United Kingdom
Argyll and Bute

Here you’ll find travel reports about Argyll and Bute. Discover travel destinations in the United Kingdom of travelers writing a travel blog on FindPenguins.

101 travelers at this place:

  • Day119

    Luss - on Loch Lomond

    October 3, 2017 in the United Kingdom

    Today we drove to Fort William. On the way we stopped for lunch at Luss, a village in Argyll & Bute, Scotland, on the west bank of Loch Lomond. The village is within the Loch Lomond and The Trossachs National Park. Such a beautiful location. A number of early medieval and medieval monuments still exist in the present churchyard including an 11th century Viking grave marker known as a hogback stone, typical of an Anglo-Scandinavian grave marker. It was a drizzly cold day today (about 9 degrees).Read more

  • Day17

    Inverness to Luss

    September 17 in the United Kingdom

    An action packed day. Up very early as had to pack up and leave for the drive down the side of Loch Ness and over to Fort William which was about 2 hours. Once there we caught the Harry Potter steam train for Mallaig at 10 15. Everyone boarding was excited and the train was full. The trip to Malaig was 2 hours and just so relaxing and full of atmosphere, mainly steam! The line travelled along the coast, through bush and around lochs. The highlight was going over the Glenfinnan Viaduct from the movie, although tricky to get a good photo as everyone trying to do the same. We left the train in Mallaig for a lovely lunch in typical Scottish hotel before wandering around the village and fishing wharf. Got back on the train at 2 10 for the return journey. Our trip was made even more pleasant by the young couple sitting opposite who were from Austria and on their honey moon. They spoke excellent English and were very interesting to chat to especially as the girl had been a Bosnian refugee as a child. She had a fascinating life story. We arrived back at Fort William for our two hour trip to Luss at the bottom of Loch Lomond. The journey began with the most beautiful views as we headed up over the highlands. There were many lochs, waterfalls and interesting road features. However a road accident meant a diversion and very frustratingly our 2 hour journey became 4 hours so arrived in Luss tired and hungry at 8. On the plus side we saw many beautiful sights including gorgeous farmland and villages we would not have otherwise seen. In the dark Luss which is rated as the most beautiful village in Scotland seems to be in the middle of a forest but right beside the lake. On finally finding our accommodation which is a cabin right beside the lake we wandered 500 metres up the road to a beautiful big Scottish hotel for dinner. It was basically empty but we had the undivided attention of 4 lovely staff and a beautiful meal. It finished with a mini whiskey tasting (just to say we had had some) given to us by a nice young guy who knew so much about it. Can’t wait to explore here tomorrow as even in the dark we could tell that Luss is stunning.Read more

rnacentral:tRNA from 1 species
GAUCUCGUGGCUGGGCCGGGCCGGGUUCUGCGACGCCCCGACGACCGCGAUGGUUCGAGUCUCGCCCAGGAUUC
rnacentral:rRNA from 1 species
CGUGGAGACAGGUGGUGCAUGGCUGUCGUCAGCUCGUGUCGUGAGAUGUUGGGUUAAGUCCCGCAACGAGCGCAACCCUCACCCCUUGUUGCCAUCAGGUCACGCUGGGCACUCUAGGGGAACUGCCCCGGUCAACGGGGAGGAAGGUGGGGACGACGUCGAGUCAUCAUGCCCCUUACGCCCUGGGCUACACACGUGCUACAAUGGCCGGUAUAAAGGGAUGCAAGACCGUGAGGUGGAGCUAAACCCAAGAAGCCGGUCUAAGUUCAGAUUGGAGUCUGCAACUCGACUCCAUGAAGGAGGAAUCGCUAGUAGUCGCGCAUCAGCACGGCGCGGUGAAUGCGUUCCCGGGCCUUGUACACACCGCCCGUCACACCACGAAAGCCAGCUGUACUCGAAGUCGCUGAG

• Day8

    Drive up to Loch Lomand National Park

    September 13, 2017 in the United Kingdom

    Beautiful Scottish scenery...

    The grass a yellowy green rather than the vibrant green of Wales or England ... Much of the vegetation on the hills reminds me of the Cape "Fynbos"

    Lots and lots of water, so no need to worry about water restrictions here 😊

  • Day130

    Day 130: Highland Games

    June 25, 2017 in the United Kingdom

    Time for something a little bit different! We'd read that Oban would be hosting a Highland Games today, so we decided that we'd spend the day there. It wasn't a huge festival or anything, more of a local carnival, but definitely still worth checking out.

    First stop was a cafe on the promenade for breakfast, where I had a decent sized feed of bacon & eggs. A quick stop at the pet store for a refill of Schnitzel's food, then we headed out to the games on a local high school's field.

    Lots of cultural stuff happening including a pipe band, highland dancing competitions, track & field, a dog show, and traditional Scottish events like welly boot throwing and of course the caber toss.

    We spent all day here checking out the various activities. Most of the dancing was being done by kids, so I didn't spend long there. We entered Schnitzel in the "best male dog" category but sadly he lost out to another dachshund! Another couple were their with their two dogs, some of the only ones we've seen in Scotland. What are the odds.

    The weather was fairly inclement with the occasional shower, sunny breaks but mostly overcast clouds. Still managed to enjoy the day, particularly the heavy events like hammer throw, shot put and the caber toss. I was surprised to learn that the object of caber tossing is actually to hold the caber vertical, run forward, and throw it up with the aim of flipping it 180 degrees to land precisely on the other end. Nobody quite managed though a couple of guys came close!

    By around 4pm it was starting to peter out so we headed back to our apartment. Stayed in for the evening as I was feeling a bit off colour and had a stomach upset, probably the first proper one of the trip. Managed to drive Shandos out for a takeaway pizza, since of course all the supermarkets shut at 7pm on Sundays. Out of the highlands tomorrow, hopefully I feel better!
    Read more

  • Day10

    Peaceful Iona Abbey

    August 25 in the United Kingdom

    The tiny island of Iona has been a place of religious significance since 536 AD, when St. Columba traveled from Ireland. It is a peaceful place, with only 150 year-round inhabitants. We had plenty of time to wander around the restored abbey, the remains of the nunnery, and just enjoy the beautiful and serene surroundings.Read more

  • Day4

    Hill House

    August 8, 2017 in the United Kingdom